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Tuesday, 08 April 2014 00:00
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Shobhana's edit

Ranbaxy buy will help Sun firm up place in US market

Sun Pharma’s acquisition of Ranbaxy Laboratories gives it the kind of scale it needs to exploit the potential, not just of the large US generics market, but also of the fast-growing emerging markets. The US generics space has been a major growth-driver for Indian pharma in recent years; over FY10-14, players like Sun Pharma, Dr Reddy’s and Lupin have reported an estimated annual growth of 25-26%—in constant currency terms—from this market, and by FY15, Sun (ex-Taro) should be making revenues of $1 billion from the US. Indeed, in a couple of years, these firms could be earning close to half their total revenues from the US markets and, needless to add, the margins will be more robust than those from the home market. However, in the context of recent developments in the US market, Indian companies now need to have larger operations. For one, the consolidation in the US distribution space—the top 7 buying entities account for 85% of the generics market—will see distributors favouring larger generics suppliers. In addition, top tier generics players have been pursuing the inorganic route to transform themselves into firms that offer not just plain vanilla products, but a stronger proposition in the form of speciality generics. These firms are now more formidable competition.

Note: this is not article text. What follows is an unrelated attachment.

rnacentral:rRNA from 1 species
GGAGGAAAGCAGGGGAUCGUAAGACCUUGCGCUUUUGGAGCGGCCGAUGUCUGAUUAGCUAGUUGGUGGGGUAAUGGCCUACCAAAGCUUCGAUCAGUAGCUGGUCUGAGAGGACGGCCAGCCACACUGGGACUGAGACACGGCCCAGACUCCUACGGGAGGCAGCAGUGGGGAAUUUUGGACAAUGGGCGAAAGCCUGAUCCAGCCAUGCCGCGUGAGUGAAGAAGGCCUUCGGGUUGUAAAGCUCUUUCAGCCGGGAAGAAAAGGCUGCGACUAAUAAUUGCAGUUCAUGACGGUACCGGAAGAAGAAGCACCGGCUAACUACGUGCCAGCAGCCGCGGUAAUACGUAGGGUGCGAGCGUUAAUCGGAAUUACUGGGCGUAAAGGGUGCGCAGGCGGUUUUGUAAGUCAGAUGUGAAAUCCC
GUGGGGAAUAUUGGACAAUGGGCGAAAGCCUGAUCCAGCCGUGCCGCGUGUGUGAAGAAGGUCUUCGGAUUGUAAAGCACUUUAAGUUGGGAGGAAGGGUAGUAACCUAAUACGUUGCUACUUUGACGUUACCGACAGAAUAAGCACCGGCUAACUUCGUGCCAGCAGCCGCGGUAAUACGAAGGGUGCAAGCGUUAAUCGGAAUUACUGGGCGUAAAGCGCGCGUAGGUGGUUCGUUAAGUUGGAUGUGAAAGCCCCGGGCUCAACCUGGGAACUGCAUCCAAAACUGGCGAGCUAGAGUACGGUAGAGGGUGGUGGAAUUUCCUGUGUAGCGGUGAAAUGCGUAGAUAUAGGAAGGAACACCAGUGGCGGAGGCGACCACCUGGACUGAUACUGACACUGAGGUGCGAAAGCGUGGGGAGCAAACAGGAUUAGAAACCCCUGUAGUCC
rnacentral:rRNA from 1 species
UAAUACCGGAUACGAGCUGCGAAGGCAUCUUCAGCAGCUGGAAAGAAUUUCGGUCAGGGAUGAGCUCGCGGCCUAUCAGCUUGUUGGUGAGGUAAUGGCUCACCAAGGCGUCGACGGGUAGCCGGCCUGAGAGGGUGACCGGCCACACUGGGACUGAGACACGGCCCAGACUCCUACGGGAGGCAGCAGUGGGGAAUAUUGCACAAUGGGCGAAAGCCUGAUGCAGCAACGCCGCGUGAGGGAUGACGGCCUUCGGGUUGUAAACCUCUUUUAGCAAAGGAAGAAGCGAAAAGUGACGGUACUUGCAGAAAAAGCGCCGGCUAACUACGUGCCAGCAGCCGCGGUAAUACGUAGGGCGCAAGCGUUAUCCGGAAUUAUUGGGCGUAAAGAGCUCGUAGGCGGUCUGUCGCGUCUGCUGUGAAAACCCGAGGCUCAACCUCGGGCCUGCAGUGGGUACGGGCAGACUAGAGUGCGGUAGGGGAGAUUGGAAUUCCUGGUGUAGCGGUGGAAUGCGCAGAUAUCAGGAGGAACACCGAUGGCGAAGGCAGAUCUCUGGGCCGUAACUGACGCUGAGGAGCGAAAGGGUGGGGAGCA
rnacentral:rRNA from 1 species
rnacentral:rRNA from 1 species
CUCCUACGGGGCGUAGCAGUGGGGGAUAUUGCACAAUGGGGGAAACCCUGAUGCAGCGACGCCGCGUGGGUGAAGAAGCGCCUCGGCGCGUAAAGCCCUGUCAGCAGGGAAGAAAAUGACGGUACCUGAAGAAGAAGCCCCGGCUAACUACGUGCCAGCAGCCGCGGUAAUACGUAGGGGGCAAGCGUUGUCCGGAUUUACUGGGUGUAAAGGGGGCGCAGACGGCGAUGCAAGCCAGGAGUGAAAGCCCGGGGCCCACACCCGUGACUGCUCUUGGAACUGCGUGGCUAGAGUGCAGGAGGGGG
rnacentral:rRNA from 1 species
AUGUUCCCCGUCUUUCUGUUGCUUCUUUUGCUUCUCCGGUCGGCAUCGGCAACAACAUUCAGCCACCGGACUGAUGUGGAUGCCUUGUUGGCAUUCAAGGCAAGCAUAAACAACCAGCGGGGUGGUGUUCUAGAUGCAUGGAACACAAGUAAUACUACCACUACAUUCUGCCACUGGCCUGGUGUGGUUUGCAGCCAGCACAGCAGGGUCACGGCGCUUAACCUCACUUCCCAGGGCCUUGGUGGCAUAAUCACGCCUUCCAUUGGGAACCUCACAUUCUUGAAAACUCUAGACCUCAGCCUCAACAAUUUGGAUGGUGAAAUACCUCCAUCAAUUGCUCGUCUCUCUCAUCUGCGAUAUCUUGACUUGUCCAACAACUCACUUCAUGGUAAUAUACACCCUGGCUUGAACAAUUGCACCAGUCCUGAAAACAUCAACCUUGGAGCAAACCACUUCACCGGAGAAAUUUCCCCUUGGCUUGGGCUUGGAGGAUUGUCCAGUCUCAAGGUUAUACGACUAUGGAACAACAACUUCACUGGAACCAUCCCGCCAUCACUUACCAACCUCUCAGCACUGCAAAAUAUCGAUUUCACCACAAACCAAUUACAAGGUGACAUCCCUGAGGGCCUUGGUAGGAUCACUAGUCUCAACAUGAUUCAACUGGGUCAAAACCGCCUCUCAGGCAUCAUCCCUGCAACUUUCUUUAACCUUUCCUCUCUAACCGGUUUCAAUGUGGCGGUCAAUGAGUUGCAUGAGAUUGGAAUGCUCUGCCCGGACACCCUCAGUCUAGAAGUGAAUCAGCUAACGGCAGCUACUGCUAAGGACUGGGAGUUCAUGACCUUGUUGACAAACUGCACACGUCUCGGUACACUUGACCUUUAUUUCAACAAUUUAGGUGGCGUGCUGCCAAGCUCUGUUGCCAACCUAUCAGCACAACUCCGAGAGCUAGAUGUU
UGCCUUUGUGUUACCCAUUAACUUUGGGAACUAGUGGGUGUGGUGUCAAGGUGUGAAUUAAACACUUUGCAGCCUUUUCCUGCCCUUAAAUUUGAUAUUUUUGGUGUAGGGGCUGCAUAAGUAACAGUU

While Indian companies have built on their success in the US and have upped spends on R&D—reflected in the several Abbreviated New Drug Application (ANDA) approvals won by them—they have generally stayed away from very large acquisitions. That strategy cannot be faulted; given the large number of M&A casualties, it would have been foolhardy to leverage oneself at a time when the global economic environment remains difficult. However, it is a fact that there is now a big distance between Indian and global generics drug makers, and this could hurt the former’s chances of gaining market share, especially given how much stronger distributors are becoming. Consequently, their ability to spend on R&D would also reduce which, in turn, will leave them at a disadvantage while scouting for opportunities in bigger spaces such as inhalers and biosimilars. In short, Indian pharma needs to be able to spend more on R&D given these are already way below those of their global peers. To that extent, the size that Sun acquires by buying Ranbaxy—combined revenues of $4.2 billion—will help. To be sure, Sun Pharma will need to deal with legacy regulatory issues related to the US FDA which Daiichi Sankyo, the current owners of Ranbaxy, failed to sort out. Sun is not new to such scrutiny, having faced some problems on this front, and may just succeed in making the plants US FDA-compliant once again. Meanwhile, small shareholders in Ranbaxy who have lost a lot of money since Daiichi took over have reason to rejoice because they’ve got a good deal in the 1:0.8 swap ratio (0.8 share of Sun for 1 of Ranbaxy) in what is a far superior company. Indeed, with its 9% residual stake, Daiichi Sankyo might recover some of its acquisition losses if it stays invested in Sun Pharma long enough.


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